Definition based on the Community Directive 2010/31/EU (article 2):
“A nearly zero energy building is very high energy efficient construction, whose nearly zero or minimal energy quantity required to cover its needs, is mostly done by renewable energy sources, including energy that is produced in situ or close to the building”.
By introducing the nearly zero energy buildings category, the European Union soundly promotes the energy saving in buildings, the largest final energy consumers. The goal, among others, is to cover the 20% energy consumption reduction goal until 2020 and 27% until 2030 respectively. All new buildings must be nZEB from January 1st, 2021. The new buildings that will accommodate public sector services must be nZEB from January 21st, 2019.
The nZEB have: high energy specifications structural elements, high energy performance E/M facilities and a considerable part of their energy consumption will be covered by renewable energy sources in local level.
The great thermal insulation aspect is a fundamental parameter for the construction of a nearly zero energy building.
The passive house is a type of building that offers high energy performance, comfort, economy and is ecofriendly. In essence, the passive house is an nZEB that follows the design principles of this standard, which are the following:
Thermal insulation - A passive house construction requires the use of thermal insulation. A properly insulated building shell keeps the heat inside it during winter and prevents heat from entering it during summer. To minimize heat losses, a good insulation is necessary (about 15 cm+, depending on the position in each part of Greece). Insulation with thermal conductivity ≤ 0.1 W/(m*K), so that the U value of the shell will be between 0.10 and 0.25 W/(m2*K).
Thermal bridging - The elimination or the best possible minimization of the thermal bridging effect is a crucial matter for designers and engineers and demands attention to detail. A thermal bridging-free construction is a good energy performance construction, that creates a pleasant inner climate while minimizing vapor concentrations, humidity and mold.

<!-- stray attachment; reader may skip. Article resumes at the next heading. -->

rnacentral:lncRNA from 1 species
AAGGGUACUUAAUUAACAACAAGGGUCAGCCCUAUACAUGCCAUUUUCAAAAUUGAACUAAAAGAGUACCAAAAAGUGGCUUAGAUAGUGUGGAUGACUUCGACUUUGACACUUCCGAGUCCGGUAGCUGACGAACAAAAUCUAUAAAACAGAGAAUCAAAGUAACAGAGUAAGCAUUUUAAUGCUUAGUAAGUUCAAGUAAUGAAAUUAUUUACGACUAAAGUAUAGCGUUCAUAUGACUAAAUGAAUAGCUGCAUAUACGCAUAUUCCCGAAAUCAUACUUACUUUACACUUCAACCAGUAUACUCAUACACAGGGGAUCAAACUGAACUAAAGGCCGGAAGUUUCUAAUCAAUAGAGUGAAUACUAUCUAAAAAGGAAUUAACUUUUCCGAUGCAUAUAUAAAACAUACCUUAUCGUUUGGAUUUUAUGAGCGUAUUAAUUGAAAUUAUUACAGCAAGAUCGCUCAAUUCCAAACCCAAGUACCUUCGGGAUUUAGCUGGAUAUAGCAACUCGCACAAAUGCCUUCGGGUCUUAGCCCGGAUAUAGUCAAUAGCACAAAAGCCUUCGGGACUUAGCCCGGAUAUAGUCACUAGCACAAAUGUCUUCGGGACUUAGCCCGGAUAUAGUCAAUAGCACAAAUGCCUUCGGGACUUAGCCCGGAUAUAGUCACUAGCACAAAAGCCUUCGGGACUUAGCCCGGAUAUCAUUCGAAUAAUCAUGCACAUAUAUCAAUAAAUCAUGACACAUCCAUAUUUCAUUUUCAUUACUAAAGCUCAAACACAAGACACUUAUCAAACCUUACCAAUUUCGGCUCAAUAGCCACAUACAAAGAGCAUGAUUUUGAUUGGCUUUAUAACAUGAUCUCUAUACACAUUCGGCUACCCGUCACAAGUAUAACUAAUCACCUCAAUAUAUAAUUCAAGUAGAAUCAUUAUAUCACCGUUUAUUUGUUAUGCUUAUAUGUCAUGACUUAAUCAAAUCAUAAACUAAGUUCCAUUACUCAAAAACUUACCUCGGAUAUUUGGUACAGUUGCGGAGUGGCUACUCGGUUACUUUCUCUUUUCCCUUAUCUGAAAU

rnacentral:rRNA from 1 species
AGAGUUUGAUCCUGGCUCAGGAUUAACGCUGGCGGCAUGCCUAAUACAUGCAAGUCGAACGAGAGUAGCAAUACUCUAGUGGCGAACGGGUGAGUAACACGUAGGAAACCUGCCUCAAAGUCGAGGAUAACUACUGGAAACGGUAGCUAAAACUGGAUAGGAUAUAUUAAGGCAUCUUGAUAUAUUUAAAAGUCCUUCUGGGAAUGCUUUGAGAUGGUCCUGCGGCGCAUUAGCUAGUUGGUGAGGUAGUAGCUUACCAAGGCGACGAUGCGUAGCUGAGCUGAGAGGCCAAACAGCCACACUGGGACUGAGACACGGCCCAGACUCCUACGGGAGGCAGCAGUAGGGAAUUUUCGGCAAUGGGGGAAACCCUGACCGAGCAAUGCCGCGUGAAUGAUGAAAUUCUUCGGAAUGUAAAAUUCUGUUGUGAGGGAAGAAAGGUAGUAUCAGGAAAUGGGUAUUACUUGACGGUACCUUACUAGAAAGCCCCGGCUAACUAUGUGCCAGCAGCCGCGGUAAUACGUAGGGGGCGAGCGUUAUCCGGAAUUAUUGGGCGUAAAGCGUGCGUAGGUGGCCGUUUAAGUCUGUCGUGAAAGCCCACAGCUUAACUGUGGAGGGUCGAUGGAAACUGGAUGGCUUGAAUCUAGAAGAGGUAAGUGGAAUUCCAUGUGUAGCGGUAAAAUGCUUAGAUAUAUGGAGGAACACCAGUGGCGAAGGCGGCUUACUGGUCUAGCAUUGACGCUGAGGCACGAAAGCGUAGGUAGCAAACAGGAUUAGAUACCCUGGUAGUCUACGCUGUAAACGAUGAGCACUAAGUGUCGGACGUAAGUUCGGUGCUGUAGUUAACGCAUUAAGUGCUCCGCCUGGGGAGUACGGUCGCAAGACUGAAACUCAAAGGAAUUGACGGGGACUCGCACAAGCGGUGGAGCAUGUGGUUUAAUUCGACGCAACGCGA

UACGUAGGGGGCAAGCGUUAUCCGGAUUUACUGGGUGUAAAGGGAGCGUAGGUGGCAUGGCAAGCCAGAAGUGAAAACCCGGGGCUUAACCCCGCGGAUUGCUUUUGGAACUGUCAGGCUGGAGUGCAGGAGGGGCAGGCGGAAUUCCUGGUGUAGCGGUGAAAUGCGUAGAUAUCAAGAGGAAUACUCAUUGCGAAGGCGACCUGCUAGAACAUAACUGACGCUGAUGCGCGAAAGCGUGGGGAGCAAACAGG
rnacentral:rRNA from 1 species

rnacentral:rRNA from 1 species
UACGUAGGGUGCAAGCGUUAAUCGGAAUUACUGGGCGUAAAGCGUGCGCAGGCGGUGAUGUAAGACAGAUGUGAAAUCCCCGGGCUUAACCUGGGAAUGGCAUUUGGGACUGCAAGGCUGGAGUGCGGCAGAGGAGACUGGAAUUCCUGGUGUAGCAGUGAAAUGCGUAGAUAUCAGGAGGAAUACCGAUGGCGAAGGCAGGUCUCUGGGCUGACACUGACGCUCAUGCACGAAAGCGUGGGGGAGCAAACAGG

Windows -A fundamental principle of constructing a passive house is to install proper windows. It is important to check the technical specifications of the windows as well as ensure that they are properly installed, perfectly fitted with thermal insulation, always according to the design. Properly designed, insulated and installed joinery contribute to maximizing the sun’s gains.
Air-proof - Passive houses are designed in a way that does not allow air leakage to the building shell which leads energy efficiency increase and absence of air streams or damages due to humidity.
Ventilation with heat recovery - The passive house is a building where the interior thermal comfort is achieved by pre-heating or pre-cooling fresh air required for proper interior atmosphere, without needing to further recirculate air. For this reason, a mechanical ventilation system with heat recovery (MVHR) is indispensable.
No matter the climate or place, passive houses maintain a comfortable and pleasant temperature with minimal energy requirements throughout the year. The buildings are passively heated, which means that they use an effective use of the sun and the internal heat sources and heat recovery systems, so that conventional heat systems are not necessary even during the coldest days of winter. During summer, the passive house uses passive cooling techniques such as proper shading design and night natural ventilation, to maintain cool temperatures. In any case, the excellent quality and technology materials guarantee that temperatures remain in steady and pleasant levels for tenants/owners throughout the year.